By Carol McCracken (Post # 2,497)
Speaking directly to his real estate cronies this afternoon, Mayor Ethan Strimling offered a loaf of bread to them and crumbs for Portland renters.
The newly elected Mayor ran on a “listening” campaign. – clearly the real estate industry, who largely bankrolled his election campaign, were heard louder and clearer than anyone else, as expected.
John Richardson, of the “Portland Press Herald” was the facilitator for the discussion on the rental housing crises facing Portland these days with a panel representing different interests in the City. Mayor Strimling was joined by representatives of the real estate industry and the Portland Tenants Union. Richardson, who wrote a series of articles on the rental crises stated that rents in Portland have risen 40% in the last five years. While renters’ incomes are going down, rental rates are skyrocketing, which has put Portland in the national spotlight. A fact that councilors seem indifferent to. The vacancy rate for apartments in Portland is zip, Richardson said as a result of his research for his articles. .
Grace Damon, of the Portland Tenants Union, said that the out-of-control rent increases are forcing the working class out of Portland. The expense is forcing people to live in overcrowded and unsafe conditions, if they can find a place to rent.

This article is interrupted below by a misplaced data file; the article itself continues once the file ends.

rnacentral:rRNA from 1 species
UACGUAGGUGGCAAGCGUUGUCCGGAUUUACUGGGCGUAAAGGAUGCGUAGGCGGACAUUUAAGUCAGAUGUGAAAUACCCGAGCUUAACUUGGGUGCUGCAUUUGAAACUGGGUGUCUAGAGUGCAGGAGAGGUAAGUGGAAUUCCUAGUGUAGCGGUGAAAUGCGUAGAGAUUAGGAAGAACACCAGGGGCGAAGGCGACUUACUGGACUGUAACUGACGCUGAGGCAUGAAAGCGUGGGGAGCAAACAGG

One of Strimling’s messages was that the city manager Jon Jennings is focused on streamlining the permitting process – one that is famously inefficient and has been for many, many years. When that process is completed, Strimlings assured the crowd in the Rines Auditorium of the Portland Public Library that there will be more housing coming on-line. He acknowledged that creating 2,000 more units of housing will not solve the rental housing crises and he did not offer a solution as to what might ease the situation. When someone commented that in this zero vacancy rate of rental housing, the only 30 days notice to vacate a property for tenants at will, should be revisited. Strimmling said: “We should look at that.” (In other words, Strimling needs to consult with the real estate industry for advice.) Meanwhile horror stories continue while someone “looks at it.”
A member of the audience asked if there were anything that could be done to control Port Property who is buying up many rental units in Portland. No one had a solution on how to deal with the company, even though it is earning a reputation as especially insensitive to renters in Portland.
The anti-renter attitude is alive and well in Portland! The panel on the rental housing crises side-stepped the rental housing crises. It was a good day for the real estate industry and not so much for Portland renters.